Dogwood Diseases

Dogwoods are grown for their striking good looks, and anything that compromises the plant’s appearance and health is concerning. Several diseases impact dogwood trees and can cause undue stress on the plant, potentially resulting in the tree's death. Most common dogwood diseases are fungal, and are treatable and preventable. Anthracnose, powdery mildew, and leaf spots are the most common dogwood diseases.


Photo by Tim Evanson, cropped, Flickr, Copyright CC BY-SA 2.0 DEED

Dogwood Spot Anthracnose

Anthracnose is a fungal infection common in flowering dogwoods. Wet spring weather is conducive to anthracnose. Increased humidity and damp conditions promote the spread. The fungus that causes anthracnose can live on the plant throughout the winter, so once a dogwood is infected, the fungus will return unless adequately treated.

Identifying Spot Anthracnose

Anthracnose appears as tiny tan-colored spots with purplish-red borders. The infected sites will merge as the infection spreads, creating large patches of dead growth. Infected flowers and leaves may have a deformed appearance. Flowers are often the first part of a dogwood to show spots, followed by leaves and new growth. A single anthracnose infection will cause minimal damage to a dogwood, but continued outbreaks will weaken the plant, stunt growth, and potentially kill the plant.


Photo by Mary Ann Hansen, Virginia Polytechnic Institute and State University,, unedited, FlickrCopyright CC BY 2.0 DEED

Treating Spot Anthracnose

Treat dogwood anthracnose by removing infected flowers and foliage. Treat the plant with a fungicide and reapply the treatment every couple of weeks. Prune the plant to thin the vegetation, allowing for improved air circulation.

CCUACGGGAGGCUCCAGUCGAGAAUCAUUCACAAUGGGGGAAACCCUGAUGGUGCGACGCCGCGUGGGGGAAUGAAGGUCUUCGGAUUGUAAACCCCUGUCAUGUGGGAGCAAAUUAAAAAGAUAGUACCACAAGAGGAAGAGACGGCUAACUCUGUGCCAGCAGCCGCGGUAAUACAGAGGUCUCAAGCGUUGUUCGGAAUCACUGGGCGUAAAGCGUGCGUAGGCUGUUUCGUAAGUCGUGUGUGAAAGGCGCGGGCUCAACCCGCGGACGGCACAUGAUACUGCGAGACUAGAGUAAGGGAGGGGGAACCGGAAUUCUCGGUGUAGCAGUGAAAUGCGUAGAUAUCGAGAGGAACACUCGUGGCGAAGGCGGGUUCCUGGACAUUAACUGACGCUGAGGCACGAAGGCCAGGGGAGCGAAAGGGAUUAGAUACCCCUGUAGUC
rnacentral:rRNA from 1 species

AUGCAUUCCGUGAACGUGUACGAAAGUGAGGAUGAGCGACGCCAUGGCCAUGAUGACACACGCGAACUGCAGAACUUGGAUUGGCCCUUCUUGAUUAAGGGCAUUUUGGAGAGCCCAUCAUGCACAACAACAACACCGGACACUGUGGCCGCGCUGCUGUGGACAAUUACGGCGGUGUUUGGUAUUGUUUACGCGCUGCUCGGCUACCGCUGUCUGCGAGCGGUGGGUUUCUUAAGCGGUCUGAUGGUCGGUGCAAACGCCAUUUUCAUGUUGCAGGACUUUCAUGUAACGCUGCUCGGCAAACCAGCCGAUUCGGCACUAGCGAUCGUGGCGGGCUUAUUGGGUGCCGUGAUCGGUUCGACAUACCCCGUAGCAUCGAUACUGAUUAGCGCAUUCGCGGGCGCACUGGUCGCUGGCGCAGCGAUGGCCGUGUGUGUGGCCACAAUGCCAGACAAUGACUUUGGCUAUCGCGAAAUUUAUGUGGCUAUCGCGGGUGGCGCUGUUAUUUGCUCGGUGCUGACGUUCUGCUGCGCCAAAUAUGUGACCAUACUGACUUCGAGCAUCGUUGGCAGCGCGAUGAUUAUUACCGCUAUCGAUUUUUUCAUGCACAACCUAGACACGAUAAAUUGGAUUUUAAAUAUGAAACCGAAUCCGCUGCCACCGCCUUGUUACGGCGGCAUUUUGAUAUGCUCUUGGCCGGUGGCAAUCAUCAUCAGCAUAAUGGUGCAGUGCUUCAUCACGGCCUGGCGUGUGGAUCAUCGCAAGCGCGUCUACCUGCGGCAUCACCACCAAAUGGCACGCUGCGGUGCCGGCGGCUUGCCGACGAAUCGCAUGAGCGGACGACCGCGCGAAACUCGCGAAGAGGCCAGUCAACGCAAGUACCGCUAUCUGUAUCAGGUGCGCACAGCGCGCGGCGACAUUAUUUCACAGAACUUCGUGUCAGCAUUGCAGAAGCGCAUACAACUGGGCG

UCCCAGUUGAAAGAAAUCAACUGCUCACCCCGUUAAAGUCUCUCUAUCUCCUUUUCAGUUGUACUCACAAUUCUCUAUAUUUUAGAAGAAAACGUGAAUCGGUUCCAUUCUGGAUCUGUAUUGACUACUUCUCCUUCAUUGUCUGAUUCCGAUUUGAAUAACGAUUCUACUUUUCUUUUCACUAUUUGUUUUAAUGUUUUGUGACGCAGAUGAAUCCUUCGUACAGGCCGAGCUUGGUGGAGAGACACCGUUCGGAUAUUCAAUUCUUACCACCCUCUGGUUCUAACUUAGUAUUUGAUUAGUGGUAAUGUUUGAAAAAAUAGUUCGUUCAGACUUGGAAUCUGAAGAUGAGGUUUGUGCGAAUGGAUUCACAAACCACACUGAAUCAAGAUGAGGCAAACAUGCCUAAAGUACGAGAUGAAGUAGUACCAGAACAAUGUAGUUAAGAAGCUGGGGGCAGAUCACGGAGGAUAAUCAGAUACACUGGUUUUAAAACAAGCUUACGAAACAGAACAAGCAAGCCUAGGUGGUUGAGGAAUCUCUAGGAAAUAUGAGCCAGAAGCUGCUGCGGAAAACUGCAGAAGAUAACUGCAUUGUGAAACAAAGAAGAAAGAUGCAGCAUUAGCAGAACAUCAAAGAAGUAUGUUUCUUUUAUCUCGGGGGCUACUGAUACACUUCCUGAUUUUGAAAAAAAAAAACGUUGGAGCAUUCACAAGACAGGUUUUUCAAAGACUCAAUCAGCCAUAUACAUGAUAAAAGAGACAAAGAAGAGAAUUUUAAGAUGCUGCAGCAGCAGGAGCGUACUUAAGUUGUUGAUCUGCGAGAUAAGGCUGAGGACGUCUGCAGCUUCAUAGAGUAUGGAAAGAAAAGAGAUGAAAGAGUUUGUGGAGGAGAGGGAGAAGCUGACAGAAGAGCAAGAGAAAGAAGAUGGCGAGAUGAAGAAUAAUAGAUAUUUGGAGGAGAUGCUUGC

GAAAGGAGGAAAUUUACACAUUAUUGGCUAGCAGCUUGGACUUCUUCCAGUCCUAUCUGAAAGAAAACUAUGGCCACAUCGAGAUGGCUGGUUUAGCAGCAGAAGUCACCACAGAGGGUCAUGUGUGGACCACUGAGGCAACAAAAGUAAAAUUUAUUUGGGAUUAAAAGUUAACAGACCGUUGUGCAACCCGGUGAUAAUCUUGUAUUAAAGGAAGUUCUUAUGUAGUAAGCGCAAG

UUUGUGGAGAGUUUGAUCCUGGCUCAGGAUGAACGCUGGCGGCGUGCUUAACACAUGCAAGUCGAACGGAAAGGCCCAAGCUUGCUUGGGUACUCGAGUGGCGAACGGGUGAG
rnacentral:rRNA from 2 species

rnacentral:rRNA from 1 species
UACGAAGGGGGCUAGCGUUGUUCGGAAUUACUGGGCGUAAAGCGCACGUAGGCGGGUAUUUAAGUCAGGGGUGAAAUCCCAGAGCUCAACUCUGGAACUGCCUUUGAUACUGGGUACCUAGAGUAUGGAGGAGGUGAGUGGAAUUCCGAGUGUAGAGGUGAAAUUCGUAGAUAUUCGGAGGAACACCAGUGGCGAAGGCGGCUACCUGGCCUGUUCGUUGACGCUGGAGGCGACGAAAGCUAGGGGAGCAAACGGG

Dogwood Powdery Mildew

Powdery mildew is a fungal infection that targets various plants, including dogwood. Humid days and cool nights without adequate airflow create a welcoming atmosphere for this fungus. This fungal infection kills leaves and can spread throughout a plant. An infected dogwood may experience stunted growth; however the damage is typically cosmetic only. Powdery mildew is preventable and will return unless proper measures are taken.

Identifying Powdery Mildew

Powdery mildew is a whitish-gray mildew covering an infected leaf's entire surface. The mildew has a powder-like texture and almost looks fuzzy. Dead spots will develop on infected leaves, and the whole leaf will wilt as the infection spreads.


Photo by Jim Allen

Treating Powdery Mildew

Treat powdery mildew on dogwood by removing infected foliage. Trim leaves and burn them or dispose of them in the trash, to prevent further spread of this fungus. Spray the plant with a fungicide to further treat the infection. Keep powdery mildew from returning by leaving plenty of space when planting dogwood shrubs so air can circulate around the leaves. Continue to water shrubs and trees throughout the summer, as a dehydrated plant is more susceptible to this fungus.

Dogwood Leaf Spots

A fungal infection causes dogwood leaf spots. Damp, humid weather brings on the spots that often appear in summer. The disease can quickly spread throughout a dogwood and to nearby trees. One year of leaf spots will not cause significant harm to a dogwood, but repeated years of early leaf drop will stunt growth and weaken the tree.

Identifying Leaf Spots

Irregular-shaped spots appear between the leaf veins. The spots have brown or purplish centers and yellow borders, depending on the specific fungus present. Infected leaves will drop.


Photo by Scot Nelson

Treating Leaf Spots

Prevent the spread of dogwood leaf spots by removing dropped infected leaves. Burn the leaves to kill the fungus or keep them away from other plants and out of a compost pile. Prune the tree to thin the canopy and allow for increased airflow. Spray an infected dogwood with a fungicide to treat the infection.

Dogwood Disease Chart

Spot Anthracnose Tan spots Prune branches
Powdery Mildew Powdery white spots on leaves Proper air circulation
Leaf Spots Dark spots on leaves Fungicides & air circulation

Sources: "Dogwood Diseases and Insect Pests." Clemson University, Clemson Cooperative Extension.

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Author Alison Cotsonas - Published 01-12-2024